- Annie. She's been on the relay team with me for the last two years, but we both signed up for the half this year. We got to start the race and run with one another a few times (until I ran out of steam!). I loved getting to run with her because she's just part of the event to me.
- The strangers who encouraged me by name (written on my bib). No matter what, when you're feeling bad, it feels good for someone to shout out a kind word connected to your name.
- Knowing how to properly fuel my body. After my first half, I asked my friend, Jennifer for advice on eating before and during a long race (I so didn't do it right the first time). When I went through the water stops, I always grabbed at least three cups of fluid. Usually 2-3 Powerades, and 1 water. And I drank them all. I'd also cut up cliff bars into bite-sized pieces to grab as I went through water stops. After mile seven in my first half, I started feeling really sick to my stomach. I'd run until I felt like I was going to throw up, then walk until I felt better - over and over again. When I was done running, I still felt sick, and it wasn't until I ate lunch after the race that I started feeling better. It was night and day. This time, I didn't ever feel sick from being so depleted. That was nice. [And a little shout out to Jennifer who finished her seventh marathon today. I was happy to run into her on the course.]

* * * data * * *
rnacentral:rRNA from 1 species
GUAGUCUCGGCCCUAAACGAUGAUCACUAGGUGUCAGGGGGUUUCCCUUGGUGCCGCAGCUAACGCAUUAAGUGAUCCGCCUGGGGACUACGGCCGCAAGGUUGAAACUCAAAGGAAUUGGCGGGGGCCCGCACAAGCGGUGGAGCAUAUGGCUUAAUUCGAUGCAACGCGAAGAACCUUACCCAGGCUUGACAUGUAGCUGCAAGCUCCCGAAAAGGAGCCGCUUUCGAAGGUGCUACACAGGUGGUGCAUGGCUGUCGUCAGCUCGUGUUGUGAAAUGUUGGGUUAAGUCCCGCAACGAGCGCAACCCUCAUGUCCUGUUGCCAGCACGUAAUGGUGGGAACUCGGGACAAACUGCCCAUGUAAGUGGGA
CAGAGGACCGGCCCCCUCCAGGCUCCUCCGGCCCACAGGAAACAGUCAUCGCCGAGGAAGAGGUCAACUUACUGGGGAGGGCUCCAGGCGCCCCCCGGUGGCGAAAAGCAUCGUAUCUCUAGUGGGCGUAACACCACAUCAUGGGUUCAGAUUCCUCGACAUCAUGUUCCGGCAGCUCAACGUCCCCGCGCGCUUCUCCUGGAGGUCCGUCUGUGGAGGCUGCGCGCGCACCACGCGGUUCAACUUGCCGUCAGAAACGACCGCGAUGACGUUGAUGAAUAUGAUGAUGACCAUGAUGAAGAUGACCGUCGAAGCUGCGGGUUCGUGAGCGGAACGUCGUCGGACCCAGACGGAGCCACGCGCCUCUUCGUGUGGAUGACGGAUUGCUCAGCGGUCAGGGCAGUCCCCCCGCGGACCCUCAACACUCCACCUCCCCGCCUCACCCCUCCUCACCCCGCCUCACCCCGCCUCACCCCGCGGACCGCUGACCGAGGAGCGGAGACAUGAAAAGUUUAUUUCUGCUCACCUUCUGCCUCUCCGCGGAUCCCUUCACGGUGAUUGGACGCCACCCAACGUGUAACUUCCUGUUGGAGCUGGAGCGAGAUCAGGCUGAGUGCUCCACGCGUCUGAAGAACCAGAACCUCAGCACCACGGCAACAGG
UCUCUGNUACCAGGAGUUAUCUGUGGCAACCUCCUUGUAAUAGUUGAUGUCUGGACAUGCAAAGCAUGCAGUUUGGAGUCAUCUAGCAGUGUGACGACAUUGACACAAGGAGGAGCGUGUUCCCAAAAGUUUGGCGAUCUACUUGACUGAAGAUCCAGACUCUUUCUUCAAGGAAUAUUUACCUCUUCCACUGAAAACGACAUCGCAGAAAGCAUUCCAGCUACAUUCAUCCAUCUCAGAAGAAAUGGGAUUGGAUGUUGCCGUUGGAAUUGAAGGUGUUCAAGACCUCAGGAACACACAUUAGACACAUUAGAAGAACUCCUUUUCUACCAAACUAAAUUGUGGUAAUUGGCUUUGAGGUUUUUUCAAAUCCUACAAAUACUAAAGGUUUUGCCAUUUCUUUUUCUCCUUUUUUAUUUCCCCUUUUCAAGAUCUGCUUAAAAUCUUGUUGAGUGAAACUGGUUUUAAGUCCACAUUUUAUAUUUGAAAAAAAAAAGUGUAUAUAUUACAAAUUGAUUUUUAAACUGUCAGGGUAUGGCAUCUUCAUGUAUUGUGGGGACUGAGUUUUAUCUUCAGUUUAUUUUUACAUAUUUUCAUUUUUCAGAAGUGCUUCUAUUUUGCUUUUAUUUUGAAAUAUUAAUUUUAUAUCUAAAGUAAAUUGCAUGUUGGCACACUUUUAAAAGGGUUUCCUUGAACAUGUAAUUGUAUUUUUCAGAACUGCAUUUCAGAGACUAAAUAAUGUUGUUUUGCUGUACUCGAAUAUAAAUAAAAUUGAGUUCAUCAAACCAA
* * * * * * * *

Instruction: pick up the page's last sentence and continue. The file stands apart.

- This isn't really a highlight, just a random observation - Anyone who's ever run knows that it's a fact that gas slips when running. I don't know if it's because there were SO many runners (which was fantastic), but there were several occasions where the smell in the air made it very apparent that I was running through the gas cloud of someone in front of me. No judgement. And yes, it's a little gross, but even more than being gross, it made me want to giggle in a really silly 8-10 year-old humor kind of way, like you can't help but fall a part and laugh as you point out the very obvious, "Someone just farted." #allinthistogether
- All of the familiar faces on my way.
- This happened last night, but because the marathon course completely surrounds Dot (our house) as it winds through our neighborhood, we had to leave a car in front of our friends' house so Jake could get to his work-church this morning. We went to the first act of South Pacific at OCU, and then to the Paramount for a bit before parking our car sometime around 10:30. It was so fun to walk home at night from one side of our 'hood to the other. It felt something like running at night (one of my favorite things to do), but with some fun company.

And lastly, because of how we can't get cars in or out of our part of the neighborhood because of the course, I couldn't really think of a good way to get home (Annie and her husband, Kyle picked me up), so I walked. Yep. I walked 1.8 miles home. With ice strapped to my knees. I practically went 15 miles. I'm going to go ahead and say I did a 6/10 marathon. Lucky for me, Jake was walking home from parking the car in front of our friends' home after work-church, and our paths crossed four blocks from Dot.

Me after the half standing in front of the OKC Memorial before my epic walk home.